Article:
5

In the past, I have chosen the datetime column created as inappropriate clustered index in the table.

Now I concluded (base on the execution plan) that it would be better to choose the ID identity primary key as the clustered key, because it is referenced as foreign key very often.

I would like to drop the current clustered key and create a new, but I cannot drop the primary key, because that the full-text index is dependent on that primary key.

Can I just switch primary key to clustered index or do I need to drop the primary key and the chain of all dependent objects?

Bellow you will find table definition and clustered index definition.

CREATE TABLE [dbo].[Realty](
    [Id] [int] IDENTITY(1,1) NOT NULL,  
    [Created] [datetime] NOT NULL,
    ....

 CONSTRAINT [PK_Realty] PRIMARY KEY NONCLUSTERED 
(
    [Id] ASC
)WITH (PAD_INDEX = OFF, STATISTICS_NORECOMPUTE = OFF, IGNORE_DUP_KEY = OFF, ALLOW_ROW_LOCKS = ON, ALLOW_PAGE_LOCKS = ON, FILLFACTOR = 90) ON [PRIMARY]
...


CREATE CLUSTERED INDEX [Created] ON [dbo].[Realty]
(
    [Created] ASC
)WITH (PAD_INDEX = OFF, STATISTICS_NORECOMPUTE = OFF, SORT_IN_TEMPDB = OFF, DROP_EXISTING = OFF, ONLINE = OFF, ALLOW_ROW_LOCKS = ON, ALLOW_PAGE_LOCKS = ON, FILLFACTOR = 90) ON [PRIMARY]
GO
  • How big is the table (ie number of rows, and total size on disk), and do you have a decent maintenance window, or is this table accessed 24x7? – Max Vernon Oct 6 '15 at 18:00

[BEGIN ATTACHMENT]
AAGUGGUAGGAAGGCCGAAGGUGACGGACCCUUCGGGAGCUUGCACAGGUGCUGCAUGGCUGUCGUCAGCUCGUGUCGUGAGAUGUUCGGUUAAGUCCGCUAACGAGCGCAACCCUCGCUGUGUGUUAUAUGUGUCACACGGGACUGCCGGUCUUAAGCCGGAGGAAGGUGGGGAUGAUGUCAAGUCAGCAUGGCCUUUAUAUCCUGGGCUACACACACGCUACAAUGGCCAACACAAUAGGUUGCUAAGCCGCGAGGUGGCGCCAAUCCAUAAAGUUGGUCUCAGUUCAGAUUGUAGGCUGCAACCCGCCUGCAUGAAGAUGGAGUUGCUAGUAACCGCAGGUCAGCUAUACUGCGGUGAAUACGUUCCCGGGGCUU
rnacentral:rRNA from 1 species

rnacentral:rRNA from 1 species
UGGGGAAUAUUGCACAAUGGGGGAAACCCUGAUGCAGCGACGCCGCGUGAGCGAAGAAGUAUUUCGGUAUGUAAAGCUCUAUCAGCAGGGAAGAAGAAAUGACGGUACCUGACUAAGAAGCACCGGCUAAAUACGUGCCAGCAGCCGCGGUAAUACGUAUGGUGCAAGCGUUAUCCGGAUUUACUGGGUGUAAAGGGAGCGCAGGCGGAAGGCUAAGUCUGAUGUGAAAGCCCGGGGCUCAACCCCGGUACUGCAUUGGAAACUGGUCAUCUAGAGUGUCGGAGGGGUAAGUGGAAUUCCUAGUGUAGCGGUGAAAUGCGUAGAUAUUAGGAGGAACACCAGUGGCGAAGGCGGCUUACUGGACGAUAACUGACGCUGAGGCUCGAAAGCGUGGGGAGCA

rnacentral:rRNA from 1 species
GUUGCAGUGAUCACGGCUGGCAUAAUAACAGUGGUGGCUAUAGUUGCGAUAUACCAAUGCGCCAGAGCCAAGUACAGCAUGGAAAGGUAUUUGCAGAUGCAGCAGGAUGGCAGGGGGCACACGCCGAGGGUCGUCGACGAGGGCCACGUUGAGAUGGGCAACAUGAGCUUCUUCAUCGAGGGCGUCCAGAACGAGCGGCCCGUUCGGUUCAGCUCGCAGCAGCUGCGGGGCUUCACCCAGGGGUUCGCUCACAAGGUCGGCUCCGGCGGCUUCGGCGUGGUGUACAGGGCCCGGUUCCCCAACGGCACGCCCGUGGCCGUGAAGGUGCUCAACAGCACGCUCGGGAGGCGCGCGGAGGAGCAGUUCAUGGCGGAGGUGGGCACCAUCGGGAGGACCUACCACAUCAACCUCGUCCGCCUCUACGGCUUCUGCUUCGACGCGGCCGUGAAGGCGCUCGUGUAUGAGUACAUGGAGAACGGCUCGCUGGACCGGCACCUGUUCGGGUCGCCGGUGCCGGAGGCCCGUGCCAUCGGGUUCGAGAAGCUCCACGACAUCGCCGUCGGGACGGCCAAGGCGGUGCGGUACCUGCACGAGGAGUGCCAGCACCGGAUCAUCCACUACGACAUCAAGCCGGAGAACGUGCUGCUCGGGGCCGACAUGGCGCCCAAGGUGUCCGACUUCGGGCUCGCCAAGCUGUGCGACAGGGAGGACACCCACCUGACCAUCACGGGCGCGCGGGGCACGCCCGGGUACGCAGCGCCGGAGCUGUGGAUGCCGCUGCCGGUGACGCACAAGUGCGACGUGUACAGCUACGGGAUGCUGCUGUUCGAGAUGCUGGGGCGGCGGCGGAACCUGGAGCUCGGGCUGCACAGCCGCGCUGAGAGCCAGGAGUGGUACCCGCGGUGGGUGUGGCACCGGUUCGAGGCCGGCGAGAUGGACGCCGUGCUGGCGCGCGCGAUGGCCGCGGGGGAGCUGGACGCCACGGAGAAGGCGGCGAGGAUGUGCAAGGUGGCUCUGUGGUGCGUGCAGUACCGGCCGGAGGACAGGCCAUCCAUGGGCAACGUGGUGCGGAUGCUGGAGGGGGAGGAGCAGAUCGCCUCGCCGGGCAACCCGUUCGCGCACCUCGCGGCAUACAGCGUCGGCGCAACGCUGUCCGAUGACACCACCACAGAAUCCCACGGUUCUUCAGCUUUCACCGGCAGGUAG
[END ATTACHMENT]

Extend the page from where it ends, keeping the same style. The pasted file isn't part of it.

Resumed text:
• Keep in mind that you can cluster on Created (to support range scans) but have your PK on ID (to support referential integrity). – Jon of All Trades Jul 19 '16 at 21:12
3

Just drop the existing clustered index, then create a new one on the ID column.

DROP INDEX [Created] ON dbo.Realty;
GO

CREATE UNIQUE CLUSTERED INDEX CX_Realty ON dbo.Realty (ID);
GO

Of course, you'll want to do this during a maintenance window so you don't cause too much blocking. If you have Enterprise Edition you can do the CREATE INDEX operation online by adding WITH (ONLINE=ON) to the statement.

  • The one downside here is that the table will now be left with a clustered index on (ID) and another non-clustered index (the primary key) on (ID). While there could be situations where this (narrower) duplicate index is a good idea, I don't get the sense that it's what the OP really wants in this case. – Geoff Patterson Oct 6 '15 at 17:54
  • Good point, @GeoffPatterson - I was working on a solution using ALTER TABLE ... SWITCH to avoid the issue; however it will require making two copies of the data in the table to get around the IDENTITY() column. I didn't want to propose a solution that is overly complex. – Max Vernon Oct 6 '15 at 17:59

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